The research was supported by the National Institutes of Health, National Science Foundation, Welch Foundation, the Welch Chemistry and Biology Collaborative Grant from the John S. Dunn Gulf Coast Consortium for Chemical Genomics and the Rice Faculty Initiatives Fund.


Story Source:

The above story is based on materials provided by Rice University. Note: Materials may be edited for content and length.


Journal Reference:

  1. Jun Shen, Jianpeng Ma, Qinghua Wang. Evolutionary Trends of A(H1N1) Influenza Virus Hemagglutinin Since 1918. PLoS ONE, 2009; 4 (11): e7789 DOI: 10.1371/journal.pone.0007789

Cite This Page:

Rice University. "Unexpected weakness in H1N1's method for evading detection by the immune system." ScienceDaily. ScienceDaily, 11 December 2009. <www.sciencedaily.com/releases/2009/12/091210111201.htm>.
Rice University. (2009, December 11). Unexpected weakness in H1N1's method for evading detection by the immune system. ScienceDaily. Retrieved March 31, 2015 from www.sciencedaily.com/releases/2009/12/091210111201.htm
Rice University. "Unexpected weakness in H1N1's method for evading detection by the immune system." ScienceDaily. www.sciencedaily.com/releases/2009/12/091210111201.htm (accessed March 31, 2015).

Share This


More From ScienceDaily



More Health & Medicine News

Tuesday, March 31, 2015

Featured Research

from universities, journals, and other organizations


Featured Videos

from AP, Reuters, AFP, and other news services

Solitair Device Aims to Takes Guesswork out of Sun Safety

Solitair Device Aims to Takes Guesswork out of Sun Safety

Reuters - Innovations Video Online (Mar. 31, 2015) — The Solitair device aims to take the confusion out of how much sunlight we should expose our skin to. Small enough to be worn as a tie or hair clip, it monitors the user&apos;s sun exposure by taking into account their skin pigment, location and schedule. Matthew Stock reports. Video provided by Reuters
Powered by NewsLook.com
Soda, Salt and Sugar: The Next Generation of Taxes

Soda, Salt and Sugar: The Next Generation of Taxes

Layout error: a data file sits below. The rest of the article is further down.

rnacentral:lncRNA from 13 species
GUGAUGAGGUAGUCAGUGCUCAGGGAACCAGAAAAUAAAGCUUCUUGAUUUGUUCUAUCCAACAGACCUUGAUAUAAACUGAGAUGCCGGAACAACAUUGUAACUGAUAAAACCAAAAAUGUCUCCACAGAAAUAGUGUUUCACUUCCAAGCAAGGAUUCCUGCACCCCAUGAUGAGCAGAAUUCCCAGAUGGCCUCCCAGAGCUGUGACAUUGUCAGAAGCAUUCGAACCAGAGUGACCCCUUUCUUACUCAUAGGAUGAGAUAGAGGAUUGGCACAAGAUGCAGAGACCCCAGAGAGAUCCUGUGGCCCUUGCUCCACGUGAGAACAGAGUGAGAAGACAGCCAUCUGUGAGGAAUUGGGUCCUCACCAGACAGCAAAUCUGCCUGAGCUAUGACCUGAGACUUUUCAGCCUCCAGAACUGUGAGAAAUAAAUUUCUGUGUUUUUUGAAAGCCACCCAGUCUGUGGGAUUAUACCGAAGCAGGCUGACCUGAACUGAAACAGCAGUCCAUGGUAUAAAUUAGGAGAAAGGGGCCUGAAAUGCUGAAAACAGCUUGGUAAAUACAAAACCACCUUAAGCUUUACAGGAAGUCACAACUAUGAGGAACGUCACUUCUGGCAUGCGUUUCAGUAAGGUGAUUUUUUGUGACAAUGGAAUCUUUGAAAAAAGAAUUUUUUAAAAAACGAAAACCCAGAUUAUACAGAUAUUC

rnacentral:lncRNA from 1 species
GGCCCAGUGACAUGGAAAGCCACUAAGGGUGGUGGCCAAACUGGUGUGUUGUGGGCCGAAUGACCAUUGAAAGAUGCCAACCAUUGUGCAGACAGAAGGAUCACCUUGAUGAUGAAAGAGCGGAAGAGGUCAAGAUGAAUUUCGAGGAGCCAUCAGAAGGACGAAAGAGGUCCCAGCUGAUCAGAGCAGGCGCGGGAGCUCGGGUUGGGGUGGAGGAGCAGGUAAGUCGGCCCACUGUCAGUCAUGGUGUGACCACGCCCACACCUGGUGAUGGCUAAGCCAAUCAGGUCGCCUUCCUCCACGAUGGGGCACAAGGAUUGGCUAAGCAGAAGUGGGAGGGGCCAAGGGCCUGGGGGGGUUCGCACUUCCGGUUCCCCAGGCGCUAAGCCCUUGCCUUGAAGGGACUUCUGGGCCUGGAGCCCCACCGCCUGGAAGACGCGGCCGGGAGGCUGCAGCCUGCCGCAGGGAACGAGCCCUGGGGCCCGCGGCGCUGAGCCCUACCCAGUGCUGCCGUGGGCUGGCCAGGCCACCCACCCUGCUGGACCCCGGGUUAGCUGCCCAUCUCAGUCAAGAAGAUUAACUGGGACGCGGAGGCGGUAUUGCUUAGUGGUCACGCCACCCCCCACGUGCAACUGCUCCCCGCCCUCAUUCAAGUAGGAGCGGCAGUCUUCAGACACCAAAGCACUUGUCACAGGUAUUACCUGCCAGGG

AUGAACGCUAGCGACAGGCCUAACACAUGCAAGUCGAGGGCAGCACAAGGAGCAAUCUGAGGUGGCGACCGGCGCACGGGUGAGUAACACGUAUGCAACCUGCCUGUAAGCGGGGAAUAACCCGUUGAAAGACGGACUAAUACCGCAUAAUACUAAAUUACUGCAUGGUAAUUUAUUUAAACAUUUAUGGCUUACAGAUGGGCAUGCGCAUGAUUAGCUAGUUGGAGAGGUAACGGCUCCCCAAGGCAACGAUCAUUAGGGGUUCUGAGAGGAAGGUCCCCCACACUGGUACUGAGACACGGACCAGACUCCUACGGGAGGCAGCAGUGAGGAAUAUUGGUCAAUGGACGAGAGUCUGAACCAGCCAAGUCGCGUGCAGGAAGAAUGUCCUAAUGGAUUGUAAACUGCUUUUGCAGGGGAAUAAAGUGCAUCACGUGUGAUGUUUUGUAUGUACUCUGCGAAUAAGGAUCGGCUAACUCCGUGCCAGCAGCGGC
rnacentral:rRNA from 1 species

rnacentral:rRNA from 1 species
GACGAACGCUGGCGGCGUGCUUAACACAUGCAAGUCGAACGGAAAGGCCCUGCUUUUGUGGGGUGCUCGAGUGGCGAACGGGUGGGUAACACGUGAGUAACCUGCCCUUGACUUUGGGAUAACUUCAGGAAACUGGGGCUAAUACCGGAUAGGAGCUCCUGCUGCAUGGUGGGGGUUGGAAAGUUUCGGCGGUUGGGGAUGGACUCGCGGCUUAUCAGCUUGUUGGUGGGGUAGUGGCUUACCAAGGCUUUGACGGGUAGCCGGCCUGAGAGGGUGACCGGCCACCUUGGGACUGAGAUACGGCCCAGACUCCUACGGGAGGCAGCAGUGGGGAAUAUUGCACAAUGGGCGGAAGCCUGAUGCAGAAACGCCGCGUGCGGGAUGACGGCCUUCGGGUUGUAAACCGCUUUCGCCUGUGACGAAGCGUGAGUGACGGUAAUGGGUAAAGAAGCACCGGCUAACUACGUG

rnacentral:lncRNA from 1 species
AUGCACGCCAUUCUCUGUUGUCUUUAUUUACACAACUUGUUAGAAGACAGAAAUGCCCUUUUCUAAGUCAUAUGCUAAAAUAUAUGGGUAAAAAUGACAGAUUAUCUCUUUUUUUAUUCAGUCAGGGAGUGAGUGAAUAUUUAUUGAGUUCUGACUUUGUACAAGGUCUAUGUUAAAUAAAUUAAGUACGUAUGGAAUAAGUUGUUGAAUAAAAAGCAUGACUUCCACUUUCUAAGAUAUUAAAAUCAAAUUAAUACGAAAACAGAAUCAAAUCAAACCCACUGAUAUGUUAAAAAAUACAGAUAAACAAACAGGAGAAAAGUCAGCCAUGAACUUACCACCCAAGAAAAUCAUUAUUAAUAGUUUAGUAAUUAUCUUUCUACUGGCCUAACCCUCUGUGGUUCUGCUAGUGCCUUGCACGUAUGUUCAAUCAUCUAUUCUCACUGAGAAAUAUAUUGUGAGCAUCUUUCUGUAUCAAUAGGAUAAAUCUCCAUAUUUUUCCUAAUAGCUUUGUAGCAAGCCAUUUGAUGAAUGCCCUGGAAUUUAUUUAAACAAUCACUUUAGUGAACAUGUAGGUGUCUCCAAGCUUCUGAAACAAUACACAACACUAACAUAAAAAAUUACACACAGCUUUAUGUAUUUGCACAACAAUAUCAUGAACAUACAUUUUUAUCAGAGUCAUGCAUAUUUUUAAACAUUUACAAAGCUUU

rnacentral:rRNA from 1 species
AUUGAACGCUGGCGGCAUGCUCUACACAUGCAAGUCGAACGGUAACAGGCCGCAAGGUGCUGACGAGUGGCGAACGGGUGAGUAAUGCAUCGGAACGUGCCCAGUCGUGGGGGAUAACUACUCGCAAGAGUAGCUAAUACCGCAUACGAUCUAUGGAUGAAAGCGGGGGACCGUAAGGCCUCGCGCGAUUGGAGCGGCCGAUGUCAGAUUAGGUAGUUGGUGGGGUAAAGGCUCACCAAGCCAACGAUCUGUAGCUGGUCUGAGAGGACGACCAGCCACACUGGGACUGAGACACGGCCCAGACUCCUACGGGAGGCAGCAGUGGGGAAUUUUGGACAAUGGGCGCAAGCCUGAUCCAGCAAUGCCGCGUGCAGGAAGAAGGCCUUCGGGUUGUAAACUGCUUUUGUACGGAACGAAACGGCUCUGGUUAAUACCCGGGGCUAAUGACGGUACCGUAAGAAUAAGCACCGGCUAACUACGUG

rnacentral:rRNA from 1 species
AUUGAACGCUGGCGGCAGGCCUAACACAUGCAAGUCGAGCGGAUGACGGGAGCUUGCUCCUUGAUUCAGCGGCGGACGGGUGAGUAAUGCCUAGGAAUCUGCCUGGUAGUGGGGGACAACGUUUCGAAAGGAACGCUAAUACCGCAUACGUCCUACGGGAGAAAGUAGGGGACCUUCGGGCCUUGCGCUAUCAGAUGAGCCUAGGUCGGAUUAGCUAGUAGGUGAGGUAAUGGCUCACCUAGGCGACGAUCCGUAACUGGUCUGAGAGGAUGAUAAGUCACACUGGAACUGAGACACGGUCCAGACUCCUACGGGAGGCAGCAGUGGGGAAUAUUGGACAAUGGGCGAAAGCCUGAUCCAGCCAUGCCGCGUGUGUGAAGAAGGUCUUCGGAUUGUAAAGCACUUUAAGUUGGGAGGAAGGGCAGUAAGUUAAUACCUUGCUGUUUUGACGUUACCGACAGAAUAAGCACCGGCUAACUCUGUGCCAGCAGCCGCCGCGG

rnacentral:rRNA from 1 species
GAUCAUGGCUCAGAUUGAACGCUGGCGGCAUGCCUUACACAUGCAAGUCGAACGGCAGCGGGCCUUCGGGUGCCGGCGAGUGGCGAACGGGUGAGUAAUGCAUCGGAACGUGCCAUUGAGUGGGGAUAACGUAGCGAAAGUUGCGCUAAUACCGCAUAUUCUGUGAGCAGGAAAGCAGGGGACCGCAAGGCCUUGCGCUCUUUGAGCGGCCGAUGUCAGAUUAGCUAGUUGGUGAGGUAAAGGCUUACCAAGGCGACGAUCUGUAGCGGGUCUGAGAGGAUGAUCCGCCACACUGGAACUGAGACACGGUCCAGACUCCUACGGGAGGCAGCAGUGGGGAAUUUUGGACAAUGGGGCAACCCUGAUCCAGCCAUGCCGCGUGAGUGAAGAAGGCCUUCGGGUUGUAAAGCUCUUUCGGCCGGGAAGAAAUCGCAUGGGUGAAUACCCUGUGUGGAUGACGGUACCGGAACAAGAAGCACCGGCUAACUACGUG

Washington Post (Mar. 30, 2015) — Denisa Livingston, a health advocate for the Dinι Community Advocacy Alliance, and the Post&apos;s Abby Phillip discuss efforts around the country to make unhealthy food choices hurt your wallet as much as your waistline. Video provided by Washington Post
Powered by NewsLook.com
UnitedHealth Buys Catamaran

UnitedHealth Buys Catamaran

Reuters - Business Video Online (Mar. 30, 2015) — The $12.8 billion merger will combine the U.S.&apos; third and fourth largest pharmacy benefit managers. Analysts say smaller PBMs could also merge. Fred Katayama reports. Video provided by Reuters
Powered by NewsLook.com
S. Leone in New Anti-Ebola Lockdown

S. Leone in New Anti-Ebola Lockdown

AFP (Mar. 28, 2015) — Sierra Leone imposed a three-day nationwide lockdown Friday for the second time in six months in a bid to prevent a resurgence of the deadly Ebola virus. Duration: 01:17 Video provided by AFP
Powered by NewsLook.com

Search ScienceDaily

Number of stories in archives: 140,361

Find with keyword(s):
 
Enter a keyword or phrase to search ScienceDaily for related topics and research stories.

Save/Print:
Share:  

Breaking News:

Strange & Offbeat Stories

 

Health & Medicine

Mind & Brain

Living & Well

In Other News

... from NewsDaily.com

Science News

Health News

Environment News

Technology News



Save/Print:
Share:  

Free Subscriptions


Get the latest science news with ScienceDaily's free email newsletters, updated daily and weekly. Or view hourly updated newsfeeds in your RSS reader:

Get Social & Mobile


Keep up to date with the latest news from ScienceDaily via social networks and mobile apps:

Have Feedback?


Tell us what you think of ScienceDaily -- we welcome both positive and negative comments. Have any problems using the site? Questions?
Mobile iPhone Android Web
Follow Facebook Twitter Google+
Subscribe RSS Feeds Email Newsletters
Latest Headlines Health & Medicine Mind & Brain Space & Time Matter & Energy Computers & Math Plants & Animals Earth & Climate Fossils & Ruins